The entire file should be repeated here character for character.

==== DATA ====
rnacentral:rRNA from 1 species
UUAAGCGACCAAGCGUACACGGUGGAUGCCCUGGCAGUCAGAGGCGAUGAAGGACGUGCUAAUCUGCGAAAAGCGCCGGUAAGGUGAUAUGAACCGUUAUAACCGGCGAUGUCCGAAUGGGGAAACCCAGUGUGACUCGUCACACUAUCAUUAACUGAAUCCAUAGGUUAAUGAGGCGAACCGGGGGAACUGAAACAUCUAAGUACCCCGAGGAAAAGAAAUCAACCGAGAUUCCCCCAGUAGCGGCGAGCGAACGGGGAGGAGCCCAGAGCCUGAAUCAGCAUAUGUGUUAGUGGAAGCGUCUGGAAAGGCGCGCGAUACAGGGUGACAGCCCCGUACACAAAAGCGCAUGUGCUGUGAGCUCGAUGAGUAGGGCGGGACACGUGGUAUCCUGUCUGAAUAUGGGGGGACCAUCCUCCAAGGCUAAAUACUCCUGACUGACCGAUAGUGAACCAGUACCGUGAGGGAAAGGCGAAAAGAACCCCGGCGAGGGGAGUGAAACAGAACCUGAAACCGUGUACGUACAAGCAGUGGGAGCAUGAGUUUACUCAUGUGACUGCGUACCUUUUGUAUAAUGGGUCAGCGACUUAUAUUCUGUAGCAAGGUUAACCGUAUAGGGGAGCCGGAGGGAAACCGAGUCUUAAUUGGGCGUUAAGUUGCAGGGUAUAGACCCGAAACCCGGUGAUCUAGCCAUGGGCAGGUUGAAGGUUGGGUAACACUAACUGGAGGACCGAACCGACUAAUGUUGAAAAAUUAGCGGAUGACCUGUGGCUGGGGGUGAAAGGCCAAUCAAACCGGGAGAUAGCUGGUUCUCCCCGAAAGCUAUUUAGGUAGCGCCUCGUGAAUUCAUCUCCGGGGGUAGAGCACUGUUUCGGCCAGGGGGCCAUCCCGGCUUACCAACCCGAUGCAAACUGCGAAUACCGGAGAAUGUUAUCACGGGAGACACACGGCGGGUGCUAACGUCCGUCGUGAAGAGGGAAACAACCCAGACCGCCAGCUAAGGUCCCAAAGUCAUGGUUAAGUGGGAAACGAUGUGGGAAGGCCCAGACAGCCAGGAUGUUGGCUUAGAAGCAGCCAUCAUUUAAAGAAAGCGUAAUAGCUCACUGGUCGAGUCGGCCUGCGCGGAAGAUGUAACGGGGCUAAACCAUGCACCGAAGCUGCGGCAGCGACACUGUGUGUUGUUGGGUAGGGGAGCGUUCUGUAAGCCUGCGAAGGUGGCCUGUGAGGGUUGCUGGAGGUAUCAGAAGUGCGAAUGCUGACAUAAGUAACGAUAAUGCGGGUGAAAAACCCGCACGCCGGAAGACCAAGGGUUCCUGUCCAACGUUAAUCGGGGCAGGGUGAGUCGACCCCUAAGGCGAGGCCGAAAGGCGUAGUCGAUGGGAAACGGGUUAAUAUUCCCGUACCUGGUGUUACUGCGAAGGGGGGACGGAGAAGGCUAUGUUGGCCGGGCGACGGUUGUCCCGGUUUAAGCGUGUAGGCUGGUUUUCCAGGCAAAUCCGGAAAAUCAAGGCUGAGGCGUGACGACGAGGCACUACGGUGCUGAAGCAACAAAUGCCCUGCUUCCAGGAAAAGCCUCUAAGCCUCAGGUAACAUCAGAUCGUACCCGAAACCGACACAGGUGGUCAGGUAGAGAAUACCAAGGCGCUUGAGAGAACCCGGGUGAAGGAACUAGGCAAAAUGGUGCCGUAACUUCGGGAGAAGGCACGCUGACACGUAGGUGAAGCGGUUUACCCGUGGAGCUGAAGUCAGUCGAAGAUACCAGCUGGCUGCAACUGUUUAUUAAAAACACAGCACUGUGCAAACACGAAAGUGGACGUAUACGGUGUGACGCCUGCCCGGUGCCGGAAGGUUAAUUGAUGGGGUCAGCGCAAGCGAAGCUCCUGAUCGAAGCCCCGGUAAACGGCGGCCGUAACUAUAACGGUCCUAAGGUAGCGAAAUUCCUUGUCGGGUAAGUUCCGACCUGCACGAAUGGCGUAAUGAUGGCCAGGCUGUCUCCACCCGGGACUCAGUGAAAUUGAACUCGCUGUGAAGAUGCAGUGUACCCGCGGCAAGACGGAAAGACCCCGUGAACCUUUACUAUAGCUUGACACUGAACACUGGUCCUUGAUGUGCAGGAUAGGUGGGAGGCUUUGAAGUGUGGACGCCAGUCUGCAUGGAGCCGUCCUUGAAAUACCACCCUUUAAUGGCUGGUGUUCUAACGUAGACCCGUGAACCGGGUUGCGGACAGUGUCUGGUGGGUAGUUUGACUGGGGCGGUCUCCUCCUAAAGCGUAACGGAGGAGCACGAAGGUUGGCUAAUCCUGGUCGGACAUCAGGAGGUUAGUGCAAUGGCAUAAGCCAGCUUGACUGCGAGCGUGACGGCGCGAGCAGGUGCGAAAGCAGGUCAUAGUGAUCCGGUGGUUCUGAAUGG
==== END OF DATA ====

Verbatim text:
rnacentral:rRNA from 1 species
UUAAGCGACCAAGCGUACACGGUGGAUGCCCUGGCAGUCAGAGGCGAUGAAGGACGUGCUAAUCUGCGAAAAGCGCCGGUAAGGUGAUAUGAACCGUUAUAACCGGCGAUGUCCGAAUGGGGAAACCCAGUGUGACUCGUCACACUAUCAUUAACUGAAUCCAUAGGUUAAUGAGGCGAACCGGGGGAACUGAAACAUCUAAGUACCCCGAGGAAAAGAAAUCAACCGAGAUUCCCCCAGUAGCGGCGAGCGAACGGGGAGGAGCCCAGAGCCUGAAUCAGCAUAUGUGUUAGUGGAAGCGUCUGGAAAGGCGCGCGAUACAGGGUGACAGCCCCGUACACAAAAGCGCAUGUGCUGUGAGCUCGAUGAGUAGGGCGGGACACGUGGUAUCCUGUCUGAAUAUGGGGGGACCAUCCUCCAAGGCUAAAUACUCCUGACUGACCGAUAGUGAACCAGUACCGUGAGGGAAAGGCGAAAAGAACCCCGGCGAGGGGAGUGAAACAGAACCUGAAACCGUGUACGUACAAGCAGUGGGAGCAUGAGUUUACUCAUGUGACUGCGUACCUUUUGUAUAAUGGGUCAGCGACUUAUAUUCUGUAGCAAGGUUAACCGUAUAGGGGAGCCGGAGGGAAACCGAGUCUUAAUUGGGCGUUAAGUUGCAGGGUAUAGACCCGAAACCCGGUGAUCUAGCCAUGGGCAGGUUGAAGGUUGGGUAACACUAACUGGAGGACCGAACCGACUAAUGUUGAAAAAUUAGCGGAUGACCUGUGGCUGGGGGUGAAAGGCCAAUCAAACCGGGAGAUAGCUGGUUCUCCCCGAAAGCUAUUUAGGUAGCGCCUCGUGAAUUCAUCUCCGGGGGUAGAGCACUGUUUCGGCCAGGGGGCCAUCCCGGCUUACCAACCCGAUGCAAACUGCGAAUACCGGAGAAUGUUAUCACGGGAGACACACGGCGGGUGCUAACGUCCGUCGUGAAGAGGGAAACAACCCAGACCGCCAGCUAAGGUCCCAAAGUCAUGGUUAAGUGGGAAACGAUGUGGGAAGGCCCAGACAGCCAGGAUGUUGGCUUAGAAGCAGCCAUCAUUUAAAGAAAGCGUAAUAGCUCACUGGUCGAGUCGGCCUGCGCGGAAGAUGUAACGGGGCUAAACCAUGCACCGAAGCUGCGGCAGCGACACUGUGUGUUGUUGGGUAGGGGAGCGUUCUGUAAGCCUGCGAAGGUGGCCUGUGAGGGUUGCUGGAGGUAUCAGAAGUGCGAAUGCUGACAUAAGUAACGAUAAUGCGGGUGAAAAACCCGCACGCCGGAAGACCAAGGGUUCCUGUCCAACGUUAAUCGGGGCAGGGUGAGUCGACCCCUAAGGCGAGGCCGAAAGGCGUAGUCGAUGGGAAACGGGUUAAUAUUCCCGUACCUGGUGUUACUGCGAAGGGGGGACGGAGAAGGCUAUGUUGGCCGGGCGACGGUUGUCCCGGUUUAAGCGUGUAGGCUGGUUUUCCAGGCAAAUCCGGAAAAUCAAGGCUGAGGCGUGACGACGAGGCACUACGGUGCUGAAGCAACAAAUGCCCUGCUUCCAGGAAAAGCCUCUAAGCCUCAGGUAACAUCAGAUCGUACCCGAAACCGACACAGGUGGUCAGGUAGAGAAUACCAAGGCGCUUGAGAGAACCCGGGUGAAGGAACUAGGCAAAAUGGUGCCGUAACUUCGGGAGAAGGCACGCUGACACGUAGGUGAAGCGGUUUACCCGUGGAGCUGAAGUCAGUCGAAGAUACCAGCUGGCUGCAACUGUUUAUUAAAAACACAGCACUGUGCAAACACGAAAGUGGACGUAUACGGUGUGACGCCUGCCCGGUGCCGGAAGGUUAAUUGAUGGGGUCAGCGCAAGCGAAGCUCCUGAUCGAAGCCCCGGUAAACGGCGGCCGUAACUAUAACGGUCCUAAGGUAGCGAAAUUCCUUGUCGGGUAAGUUCCGACCUGCACGAAUGGCGUAAUGAUGGCCAGGCUGUCUCCACCCGGGACUCAGUGAAAUUGAACUCGCUGUGAAGAUGCAGUGUACCCGCGGCAAGACGGAAAGACCCCGUGAACCUUUACUAUAGCUUGACACUGAACACUGGUCCUUGAUGUGCAGGAUAGGUGGGAGGCUUUGAAGUGUGGACGCCAGUCUGCAUGGAGCCGUCCUUGAAAUACCACCCUUUAAUGGCUGGUGUUCUAACGUAGACCCGUGAACCGGGUUGCGGACAGUGUCUGGUGGGUAGUUUGACUGGGGCGGUCUCCUCCUAAAGCGUAACGGAGGAGCACGAAGGUUGGCUAAUCCUGGUCGGACAUCAGGAGGUUAGUGCAAUGGCAUAAGCCAGCUUGACUGCGAGCGUGACGGCGCGAGCAGGUGCGAAAGCAGGUCAUAGUGAUCCGGUGGUUCUGAAUGG